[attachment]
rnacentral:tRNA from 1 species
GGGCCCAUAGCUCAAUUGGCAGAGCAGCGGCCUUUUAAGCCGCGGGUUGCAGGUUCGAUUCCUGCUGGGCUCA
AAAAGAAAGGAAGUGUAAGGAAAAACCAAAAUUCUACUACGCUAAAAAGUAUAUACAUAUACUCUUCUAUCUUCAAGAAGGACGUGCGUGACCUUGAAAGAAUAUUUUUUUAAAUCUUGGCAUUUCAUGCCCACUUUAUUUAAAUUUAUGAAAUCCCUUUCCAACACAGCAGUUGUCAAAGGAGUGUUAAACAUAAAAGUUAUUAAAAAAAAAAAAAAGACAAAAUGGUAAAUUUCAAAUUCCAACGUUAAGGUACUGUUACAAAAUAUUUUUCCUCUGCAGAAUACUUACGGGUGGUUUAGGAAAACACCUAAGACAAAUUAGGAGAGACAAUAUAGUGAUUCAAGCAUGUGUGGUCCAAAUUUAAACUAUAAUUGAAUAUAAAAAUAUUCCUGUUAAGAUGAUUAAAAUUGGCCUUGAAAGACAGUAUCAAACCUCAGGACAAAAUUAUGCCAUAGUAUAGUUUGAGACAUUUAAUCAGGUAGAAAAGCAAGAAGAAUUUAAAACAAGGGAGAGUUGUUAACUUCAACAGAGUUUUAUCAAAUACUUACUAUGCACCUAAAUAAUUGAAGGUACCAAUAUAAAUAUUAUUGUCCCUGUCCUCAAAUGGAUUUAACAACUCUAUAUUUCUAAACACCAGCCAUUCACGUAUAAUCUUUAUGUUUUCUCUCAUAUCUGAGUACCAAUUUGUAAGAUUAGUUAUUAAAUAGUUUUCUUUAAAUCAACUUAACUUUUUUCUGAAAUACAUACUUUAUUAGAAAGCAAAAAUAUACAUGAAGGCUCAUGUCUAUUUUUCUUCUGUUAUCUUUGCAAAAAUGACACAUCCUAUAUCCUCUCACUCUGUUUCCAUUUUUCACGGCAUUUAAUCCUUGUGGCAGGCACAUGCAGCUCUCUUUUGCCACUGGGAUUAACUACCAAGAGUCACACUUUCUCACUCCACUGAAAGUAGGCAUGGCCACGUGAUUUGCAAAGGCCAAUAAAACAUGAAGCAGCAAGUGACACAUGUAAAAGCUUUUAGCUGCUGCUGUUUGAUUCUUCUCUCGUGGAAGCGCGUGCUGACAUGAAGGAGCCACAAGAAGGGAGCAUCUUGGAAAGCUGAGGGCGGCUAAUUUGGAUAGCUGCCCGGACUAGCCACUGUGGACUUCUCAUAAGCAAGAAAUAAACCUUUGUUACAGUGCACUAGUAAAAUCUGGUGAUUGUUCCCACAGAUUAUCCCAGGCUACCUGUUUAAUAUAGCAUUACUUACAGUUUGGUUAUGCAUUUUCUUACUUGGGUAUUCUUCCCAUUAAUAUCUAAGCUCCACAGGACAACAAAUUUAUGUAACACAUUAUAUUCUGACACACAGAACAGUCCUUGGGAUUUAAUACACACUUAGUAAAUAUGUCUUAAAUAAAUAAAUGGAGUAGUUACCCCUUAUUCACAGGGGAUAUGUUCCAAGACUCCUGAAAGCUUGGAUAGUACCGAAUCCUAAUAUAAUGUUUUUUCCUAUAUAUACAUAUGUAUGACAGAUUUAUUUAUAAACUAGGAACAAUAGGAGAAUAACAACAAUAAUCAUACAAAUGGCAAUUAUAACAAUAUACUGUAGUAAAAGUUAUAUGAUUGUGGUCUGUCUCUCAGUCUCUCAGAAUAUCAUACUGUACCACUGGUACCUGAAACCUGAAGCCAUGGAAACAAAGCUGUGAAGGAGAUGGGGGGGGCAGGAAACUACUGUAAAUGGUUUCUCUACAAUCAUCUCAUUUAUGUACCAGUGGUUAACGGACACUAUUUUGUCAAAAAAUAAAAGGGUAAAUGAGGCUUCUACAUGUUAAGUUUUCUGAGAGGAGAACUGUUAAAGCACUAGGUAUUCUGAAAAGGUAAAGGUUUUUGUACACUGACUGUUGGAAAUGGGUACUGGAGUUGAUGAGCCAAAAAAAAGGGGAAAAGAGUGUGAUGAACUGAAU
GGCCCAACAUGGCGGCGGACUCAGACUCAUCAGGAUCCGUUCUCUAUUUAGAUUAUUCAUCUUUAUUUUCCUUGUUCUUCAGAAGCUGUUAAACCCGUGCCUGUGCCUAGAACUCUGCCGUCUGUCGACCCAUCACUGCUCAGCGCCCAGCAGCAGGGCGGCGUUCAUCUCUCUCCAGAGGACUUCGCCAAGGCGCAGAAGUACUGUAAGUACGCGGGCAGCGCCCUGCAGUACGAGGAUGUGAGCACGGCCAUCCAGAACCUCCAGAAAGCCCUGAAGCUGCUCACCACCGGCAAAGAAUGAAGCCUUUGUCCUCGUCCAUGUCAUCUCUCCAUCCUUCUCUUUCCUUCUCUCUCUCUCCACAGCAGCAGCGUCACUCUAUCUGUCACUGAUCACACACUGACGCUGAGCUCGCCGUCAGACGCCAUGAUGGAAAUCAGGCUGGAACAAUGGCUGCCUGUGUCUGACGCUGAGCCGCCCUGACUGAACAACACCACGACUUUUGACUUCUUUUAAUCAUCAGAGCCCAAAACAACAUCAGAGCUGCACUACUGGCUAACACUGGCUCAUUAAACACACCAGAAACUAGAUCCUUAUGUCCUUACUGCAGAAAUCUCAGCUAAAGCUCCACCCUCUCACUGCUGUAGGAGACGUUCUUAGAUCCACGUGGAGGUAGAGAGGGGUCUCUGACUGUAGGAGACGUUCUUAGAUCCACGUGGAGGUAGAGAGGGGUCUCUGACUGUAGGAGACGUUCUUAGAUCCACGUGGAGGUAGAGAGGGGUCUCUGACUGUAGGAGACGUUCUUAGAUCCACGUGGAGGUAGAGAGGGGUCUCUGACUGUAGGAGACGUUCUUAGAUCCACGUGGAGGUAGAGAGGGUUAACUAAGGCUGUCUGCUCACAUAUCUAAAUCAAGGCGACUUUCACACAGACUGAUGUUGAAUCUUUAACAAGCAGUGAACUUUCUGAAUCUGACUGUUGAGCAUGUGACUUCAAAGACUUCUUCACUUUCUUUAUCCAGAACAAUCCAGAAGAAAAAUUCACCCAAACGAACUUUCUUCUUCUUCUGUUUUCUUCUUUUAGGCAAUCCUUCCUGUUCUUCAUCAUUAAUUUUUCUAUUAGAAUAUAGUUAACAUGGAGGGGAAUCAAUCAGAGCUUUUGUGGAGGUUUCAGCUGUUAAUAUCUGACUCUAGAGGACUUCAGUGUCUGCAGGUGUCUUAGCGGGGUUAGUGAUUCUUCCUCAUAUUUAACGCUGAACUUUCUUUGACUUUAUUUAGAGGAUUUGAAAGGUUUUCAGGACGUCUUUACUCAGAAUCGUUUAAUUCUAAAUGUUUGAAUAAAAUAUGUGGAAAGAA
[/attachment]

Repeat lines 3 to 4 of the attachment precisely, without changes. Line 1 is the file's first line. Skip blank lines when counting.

AAAAGAAAGGAAGUGUAAGGAAAAACCAAAAUUCUACUACGCUAAAAAGUAUAUACAUAUACUCUUCUAUCUUCAAGAAGGACGUGCGUGACCUUGAAAGAAUAUUUUUUUAAAUCUUGGCAUUUCAUGCCCACUUUAUUUAAAUUUAUGAAAUCCCUUUCCAACACAGCAGUUGUCAAAGGAGUGUUAAACAUAAAAGUUAUUAAAAAAAAAAAAAAGACAAAAUGGUAAAUUUCAAAUUCCAACGUUAAGGUACUGUUACAAAAUAUUUUUCCUCUGCAGAAUACUUACGGGUGGUUUAGGAAAACACCUAAGACAAAUUAGGAGAGACAAUAUAGUGAUUCAAGCAUGUGUGGUCCAAAUUUAAACUAUAAUUGAAUAUAAAAAUAUUCCUGUUAAGAUGAUUAAAAUUGGCCUUGAAAGACAGUAUCAAACCUCAGGACAAAAUUAUGCCAUAGUAUAGUUUGAGACAUUUAAUCAGGUAGAAAAGCAAGAAGAAUUUAAAACAAGGGAGAGUUGUUAACUUCAACAGAGUUUUAUCAAAUACUUACUAUGCACCUAAAUAAUUGAAGGUACCAAUAUAAAUAUUAUUGUCCCUGUCCUCAAAUGGAUUUAACAACUCUAUAUUUCUAAACACCAGCCAUUCACGUAUAAUCUUUAUGUUUUCUCUCAUAUCUGAGUACCAAUUUGUAAGAUUAGUUAUUAAAUAGUUUUCUUUAAAUCAACUUAACUUUUUUCUGAAAUACAUACUUUAUUAGAAAGCAAAAAUAUACAUGAAGGCUCAUGUCUAUUUUUCUUCUGUUAUCUUUGCAAAAAUGACACAUCCUAUAUCCUCUCACUCUGUUUCCAUUUUUCACGGCAUUUAAUCCUUGUGGCAGGCACAUGCAGCUCUCUUUUGCCACUGGGAUUAACUACCAAGAGUCACACUUUCUCACUCCACUGAAAGUAGGCAUGGCCACGUGAUUUGCAAAGGCCAAUAAAACAUGAAGCAGCAAGUGACACAUGUAAAAGCUUUUAGCUGCUGCUGUUUGAUUCUUCUCUCGUGGAAGCGCGUGCUGACAUGAAGGAGCCACAAGAAGGGAGCAUCUUGGAAAGCUGAGGGCGGCUAAUUUGGAUAGCUGCCCGGACUAGCCACUGUGGACUUCUCAUAAGCAAGAAAUAAACCUUUGUUACAGUGCACUAGUAAAAUCUGGUGAUUGUUCCCACAGAUUAUCCCAGGCUACCUGUUUAAUAUAGCAUUACUUACAGUUUGGUUAUGCAUUUUCUUACUUGGGUAUUCUUCCCAUUAAUAUCUAAGCUCCACAGGACAACAAAUUUAUGUAACACAUUAUAUUCUGACACACAGAACAGUCCUUGGGAUUUAAUACACACUUAGUAAAUAUGUCUUAAAUAAAUAAAUGGAGUAGUUACCCCUUAUUCACAGGGGAUAUGUUCCAAGACUCCUGAAAGCUUGGAUAGUACCGAAUCCUAAUAUAAUGUUUUUUCCUAUAUAUACAUAUGUAUGACAGAUUUAUUUAUAAACUAGGAACAAUAGGAGAAUAACAACAAUAAUCAUACAAAUGGCAAUUAUAACAAUAUACUGUAGUAAAAGUUAUAUGAUUGUGGUCUGUCUCUCAGUCUCUCAGAAUAUCAUACUGUACCACUGGUACCUGAAACCUGAAGCCAUGGAAACAAAGCUGUGAAGGAGAUGGGGGGGGCAGGAAACUACUGUAAAUGGUUUCUCUACAAUCAUCUCAUUUAUGUACCAGUGGUUAACGGACACUAUUUUGUCAAAAAAUAAAAGGGUAAAUGAGGCUUCUACAUGUUAAGUUUUCUGAGAGGAGAACUGUUAAAGCACUAGGUAUUCUGAAAAGGUAAAGGUUUUUGUACACUGACUGUUGGAAAUGGGUACUGGAGUUGAUGAGCCAAAAAAAAGGGGAAAAGAGUGUGAUGAACUGAAU
GGCCCAACAUGGCGGCGGACUCAGACUCAUCAGGAUCCGUUCUCUAUUUAGAUUAUUCAUCUUUAUUUUCCUUGUUCUUCAGAAGCUGUUAAACCCGUGCCUGUGCCUAGAACUCUGCCGUCUGUCGACCCAUCACUGCUCAGCGCCCAGCAGCAGGGCGGCGUUCAUCUCUCUCCAGAGGACUUCGCCAAGGCGCAGAAGUACUGUAAGUACGCGGGCAGCGCCCUGCAGUACGAGGAUGUGAGCACGGCCAUCCAGAACCUCCAGAAAGCCCUGAAGCUGCUCACCACCGGCAAAGAAUGAAGCCUUUGUCCUCGUCCAUGUCAUCUCUCCAUCCUUCUCUUUCCUUCUCUCUCUCUCCACAGCAGCAGCGUCACUCUAUCUGUCACUGAUCACACACUGACGCUGAGCUCGCCGUCAGACGCCAUGAUGGAAAUCAGGCUGGAACAAUGGCUGCCUGUGUCUGACGCUGAGCCGCCCUGACUGAACAACACCACGACUUUUGACUUCUUUUAAUCAUCAGAGCCCAAAACAACAUCAGAGCUGCACUACUGGCUAACACUGGCUCAUUAAACACACCAGAAACUAGAUCCUUAUGUCCUUACUGCAGAAAUCUCAGCUAAAGCUCCACCCUCUCACUGCUGUAGGAGACGUUCUUAGAUCCACGUGGAGGUAGAGAGGGGUCUCUGACUGUAGGAGACGUUCUUAGAUCCACGUGGAGGUAGAGAGGGGUCUCUGACUGUAGGAGACGUUCUUAGAUCCACGUGGAGGUAGAGAGGGGUCUCUGACUGUAGGAGACGUUCUUAGAUCCACGUGGAGGUAGAGAGGGGUCUCUGACUGUAGGAGACGUUCUUAGAUCCACGUGGAGGUAGAGAGGGUUAACUAAGGCUGUCUGCUCACAUAUCUAAAUCAAGGCGACUUUCACACAGACUGAUGUUGAAUCUUUAACAAGCAGUGAACUUUCUGAAUCUGACUGUUGAGCAUGUGACUUCAAAGACUUCUUCACUUUCUUUAUCCAGAACAAUCCAGAAGAAAAAUUCACCCAAACGAACUUUCUUCUUCUUCUGUUUUCUUCUUUUAGGCAAUCCUUCCUGUUCUUCAUCAUUAAUUUUUCUAUUAGAAUAUAGUUAACAUGGAGGGGAAUCAAUCAGAGCUUUUGUGGAGGUUUCAGCUGUUAAUAUCUGACUCUAGAGGACUUCAGUGUCUGCAGGUGUCUUAGCGGGGUUAGUGAUUCUUCCUCAUAUUUAACGCUGAACUUUCUUUGACUUUAUUUAGAGGAUUUGAAAGGUUUUCAGGACGUCUUUACUCAGAAUCGUUUAAUUCUAAAUGUUUGAAUAAAAUAUGUGGAAAGAA